In her book, The Shock Doctrine, Canadian author and activist, Naomi Klein, provides a severe, scorching attack on this idea. Given the massive body of evidence she compiles, it is difficult to argue with her central contention: that radical free market reforms have, in many cases, been enabled by systematic human rights abuses. She essentially describes the fostering or creation of a [Carl] Schmittian “state of exception” as being absolutely pivotal to the success of core neoliberal economic policies, such as the privatization of state-owned companies, deregulation of financial markets, and opening up to unrestricted free trade. According to Klein, after World War II, most societies adopted different versions of regulated capitalism, Keynesian social democracy, Third World economic nationalism, socialism and communism. But since the 1970s, there has been a strong movement, led by Milton Friedman, Chicago School economists, the IMF, the World Bank, and large multinational corporations, to dismantle all of these economic systems and replace them with a “purer” model:

“In the U.S., and in all supposedly capitalist economies, the Chicagoans saw interferences everywhere. To make products more affordable, politicians fixed prices; to make workers less exploited, they kept minimum wages; to make sure everyone had access to education, they kept it in the hands of the state. These measures often seemed to help people, but [Milton] Friedman and his colleagues were convinced – and they “proved” it with their [mathematical] models – that [these policies] were actually doing untold harm to the equilibrium of the market and the ability of its various signals to communicate with each other. The mission of the Chicago School was thus one of purification – stripping the market of these interruptions so that the free market could sing” (Klein, 53).

Privatization, deregulation, and free trade were advised for all economies, regardless of the specific conditions prevailing in each country. And since the 1970s, these policies have been rammed down societies’ throats worldwide through a variety of mostly undemocratic methods. This thesis is definitely not deterministic: there have certainly been cases in which Chicago School-style reforms have been implemented peacefully and democratically. But the sheer number of countries in which that has not been the case clearly suggests that there is no necessary connection between human rights, civil liberties, and radical forms of capitalism. In my view, Klein basically destroys the notion that free markets inevitably lead to free people.

What examples does she provide to buttress her argument? There are far too many to discuss here, so I will focus on the following specific cases: Chile under Augusto Pinochet’s military dictatorship, Margaret Thatcher’s Britain, and George W. Bush’s America. In all three cases, major free market reforms were accompanied by massive human rights abuses, suspension of civil liberties, and the invoking of Schmittian “states of exception.” All these policies would be portrayed as a response to a shocking crisis or emergency, which justified all kinds of measures that would have not even been considered outside the normal spectrum of legal political action. While the relative scope and severity of human rights violations, repressions, and extra-legal political practices varied considerably in each of these three cases, there is no doubt that they figured prominently in each country’s attempts to privatize publicly-owned companies, outsource key government functions, deregulate financial markets, and open borders to unrestricted free trade.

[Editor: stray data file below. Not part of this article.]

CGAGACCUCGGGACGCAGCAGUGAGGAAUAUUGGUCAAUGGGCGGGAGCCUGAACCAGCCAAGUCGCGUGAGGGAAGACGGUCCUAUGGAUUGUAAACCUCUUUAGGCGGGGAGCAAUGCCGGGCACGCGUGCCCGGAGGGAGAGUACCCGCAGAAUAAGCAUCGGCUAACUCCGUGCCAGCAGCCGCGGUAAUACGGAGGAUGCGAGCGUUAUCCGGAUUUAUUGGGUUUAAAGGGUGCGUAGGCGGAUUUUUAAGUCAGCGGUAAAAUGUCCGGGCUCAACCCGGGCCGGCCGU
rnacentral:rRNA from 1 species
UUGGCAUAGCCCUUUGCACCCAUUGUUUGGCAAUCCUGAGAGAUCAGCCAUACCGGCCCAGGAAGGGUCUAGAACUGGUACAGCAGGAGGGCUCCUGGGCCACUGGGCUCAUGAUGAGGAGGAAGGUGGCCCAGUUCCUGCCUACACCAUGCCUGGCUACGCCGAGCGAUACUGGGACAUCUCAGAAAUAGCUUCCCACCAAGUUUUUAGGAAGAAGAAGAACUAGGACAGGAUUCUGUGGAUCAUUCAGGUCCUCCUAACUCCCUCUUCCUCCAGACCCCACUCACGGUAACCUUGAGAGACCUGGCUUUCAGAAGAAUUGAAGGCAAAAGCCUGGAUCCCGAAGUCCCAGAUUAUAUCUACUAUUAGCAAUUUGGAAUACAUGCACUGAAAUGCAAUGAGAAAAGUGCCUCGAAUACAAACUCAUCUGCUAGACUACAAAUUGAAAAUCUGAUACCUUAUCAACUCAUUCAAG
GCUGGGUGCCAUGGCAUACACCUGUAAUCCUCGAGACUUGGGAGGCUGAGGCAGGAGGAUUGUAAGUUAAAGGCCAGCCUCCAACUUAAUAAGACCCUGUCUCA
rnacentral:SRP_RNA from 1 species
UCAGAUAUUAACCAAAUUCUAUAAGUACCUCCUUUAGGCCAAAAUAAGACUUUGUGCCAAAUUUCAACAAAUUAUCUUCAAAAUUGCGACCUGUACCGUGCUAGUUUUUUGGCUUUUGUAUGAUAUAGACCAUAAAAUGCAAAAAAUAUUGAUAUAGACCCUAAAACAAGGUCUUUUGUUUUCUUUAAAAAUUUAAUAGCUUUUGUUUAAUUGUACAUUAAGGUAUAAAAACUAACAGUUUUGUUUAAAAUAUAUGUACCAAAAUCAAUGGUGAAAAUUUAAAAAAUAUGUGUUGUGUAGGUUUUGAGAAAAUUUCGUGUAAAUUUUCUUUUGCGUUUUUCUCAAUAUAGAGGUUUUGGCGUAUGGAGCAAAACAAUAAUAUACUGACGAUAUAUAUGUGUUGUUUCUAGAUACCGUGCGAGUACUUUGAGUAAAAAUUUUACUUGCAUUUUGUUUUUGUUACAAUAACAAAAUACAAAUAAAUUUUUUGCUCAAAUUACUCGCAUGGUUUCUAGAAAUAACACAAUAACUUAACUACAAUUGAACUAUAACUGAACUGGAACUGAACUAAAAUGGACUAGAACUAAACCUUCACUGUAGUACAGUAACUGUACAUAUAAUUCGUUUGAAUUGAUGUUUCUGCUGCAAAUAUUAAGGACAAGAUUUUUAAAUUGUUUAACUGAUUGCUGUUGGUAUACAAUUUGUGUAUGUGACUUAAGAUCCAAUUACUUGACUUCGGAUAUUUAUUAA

Pinochet’s Chile is remembered in U.S. public discourse for its nasty torture chambers, mass extermination of political opponents, and tight-fisted rule over a cowed population. In fact, the depravity of the regime and its seemingly wanton blood-letting have been so overemphasized that it has become easy to forget the purposes behind the brutality. In The Shock Doctrine, Klein redresses this imbalance by showing that one of the goals of the disappearances, tortures, and mass exterminations was the need to pummel through a comprehensive economic program that “bore a striking resemblance to Milton Freedman’s Capitalism and Freedom: privatization, deregulation, and cuts to social spending – the free market trinity” (77). The “Chicago Boys,” a group of Chilean economists trained by Friedman at the University of Chicago, had tried to sell these ideas to various politicians and to the public at elections, but they had failed to gain traction: Keynesian, social democratic, nationalist, and socialist ideas were highly popular, which is one of the reasons why Salvador Allende was elected in 1970.